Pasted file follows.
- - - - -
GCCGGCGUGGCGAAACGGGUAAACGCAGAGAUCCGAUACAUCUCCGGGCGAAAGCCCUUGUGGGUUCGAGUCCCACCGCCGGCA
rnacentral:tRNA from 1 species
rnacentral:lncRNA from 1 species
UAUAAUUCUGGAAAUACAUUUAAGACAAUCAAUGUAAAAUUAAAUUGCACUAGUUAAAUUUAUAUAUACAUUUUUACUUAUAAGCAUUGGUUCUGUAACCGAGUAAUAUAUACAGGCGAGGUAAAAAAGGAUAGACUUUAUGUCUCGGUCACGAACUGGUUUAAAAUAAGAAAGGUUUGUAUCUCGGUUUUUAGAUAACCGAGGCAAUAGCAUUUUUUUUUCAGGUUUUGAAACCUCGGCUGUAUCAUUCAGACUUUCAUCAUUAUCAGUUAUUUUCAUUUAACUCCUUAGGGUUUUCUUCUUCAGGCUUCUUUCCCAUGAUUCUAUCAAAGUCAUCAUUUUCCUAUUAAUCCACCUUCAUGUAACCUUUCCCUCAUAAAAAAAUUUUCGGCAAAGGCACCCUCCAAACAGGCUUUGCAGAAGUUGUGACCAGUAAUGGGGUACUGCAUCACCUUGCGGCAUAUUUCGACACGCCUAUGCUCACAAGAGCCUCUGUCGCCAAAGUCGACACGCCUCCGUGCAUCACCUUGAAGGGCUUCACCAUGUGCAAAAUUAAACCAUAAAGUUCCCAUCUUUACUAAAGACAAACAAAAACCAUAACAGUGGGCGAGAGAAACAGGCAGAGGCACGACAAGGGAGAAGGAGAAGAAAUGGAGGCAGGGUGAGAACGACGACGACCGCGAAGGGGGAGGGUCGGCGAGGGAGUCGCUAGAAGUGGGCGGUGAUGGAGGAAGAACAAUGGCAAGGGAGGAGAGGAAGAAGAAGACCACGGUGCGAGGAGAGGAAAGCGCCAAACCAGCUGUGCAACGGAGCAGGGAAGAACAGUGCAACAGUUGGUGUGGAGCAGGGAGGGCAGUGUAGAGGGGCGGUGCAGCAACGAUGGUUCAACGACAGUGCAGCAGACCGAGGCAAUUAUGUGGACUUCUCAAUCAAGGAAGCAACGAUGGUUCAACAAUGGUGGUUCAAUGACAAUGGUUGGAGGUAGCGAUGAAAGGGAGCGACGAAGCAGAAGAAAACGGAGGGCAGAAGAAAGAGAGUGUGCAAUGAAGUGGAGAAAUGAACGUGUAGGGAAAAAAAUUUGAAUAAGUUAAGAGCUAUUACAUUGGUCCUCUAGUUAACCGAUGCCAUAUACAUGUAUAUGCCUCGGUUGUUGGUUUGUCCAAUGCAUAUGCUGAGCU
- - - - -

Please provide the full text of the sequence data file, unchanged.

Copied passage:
GCCGGCGUGGCGAAACGGGUAAACGCAGAGAUCCGAUACAUCUCCGGGCGAAAGCCCUUGUGGGUUCGAGUCCCACCGCCGGCA
rnacentral:tRNA from 1 species
rnacentral:lncRNA from 1 species
UAUAAUUCUGGAAAUACAUUUAAGACAAUCAAUGUAAAAUUAAAUUGCACUAGUUAAAUUUAUAUAUACAUUUUUACUUAUAAGCAUUGGUUCUGUAACCGAGUAAUAUAUACAGGCGAGGUAAAAAAGGAUAGACUUUAUGUCUCGGUCACGAACUGGUUUAAAAUAAGAAAGGUUUGUAUCUCGGUUUUUAGAUAACCGAGGCAAUAGCAUUUUUUUUUCAGGUUUUGAAACCUCGGCUGUAUCAUUCAGACUUUCAUCAUUAUCAGUUAUUUUCAUUUAACUCCUUAGGGUUUUCUUCUUCAGGCUUCUUUCCCAUGAUUCUAUCAAAGUCAUCAUUUUCCUAUUAAUCCACCUUCAUGUAACCUUUCCCUCAUAAAAAAAUUUUCGGCAAAGGCACCCUCCAAACAGGCUUUGCAGAAGUUGUGACCAGUAAUGGGGUACUGCAUCACCUUGCGGCAUAUUUCGACACGCCUAUGCUCACAAGAGCCUCUGUCGCCAAAGUCGACACGCCUCCGUGCAUCACCUUGAAGGGCUUCACCAUGUGCAAAAUUAAACCAUAAAGUUCCCAUCUUUACUAAAGACAAACAAAAACCAUAACAGUGGGCGAGAGAAACAGGCAGAGGCACGACAAGGGAGAAGGAGAAGAAAUGGAGGCAGGGUGAGAACGACGACGACCGCGAAGGGGGAGGGUCGGCGAGGGAGUCGCUAGAAGUGGGCGGUGAUGGAGGAAGAACAAUGGCAAGGGAGGAGAGGAAGAAGAAGACCACGGUGCGAGGAGAGGAAAGCGCCAAACCAGCUGUGCAACGGAGCAGGGAAGAACAGUGCAACAGUUGGUGUGGAGCAGGGAGGGCAGUGUAGAGGGGCGGUGCAGCAACGAUGGUUCAACGACAGUGCAGCAGACCGAGGCAAUUAUGUGGACUUCUCAAUCAAGGAAGCAACGAUGGUUCAACAAUGGUGGUUCAAUGACAAUGGUUGGAGGUAGCGAUGAAAGGGAGCGACGAAGCAGAAGAAAACGGAGGGCAGAAGAAAGAGAGUGUGCAAUGAAGUGGAGAAAUGAACGUGUAGGGAAAAAAAUUUGAAUAAGUUAAGAGCUAUUACAUUGGUCCUCUAGUUAACCGAUGCCAUAUACAUGUAUAUGCCUCGGUUGUUGGUUUGUCCAAUGCAUAUGCUGAGCU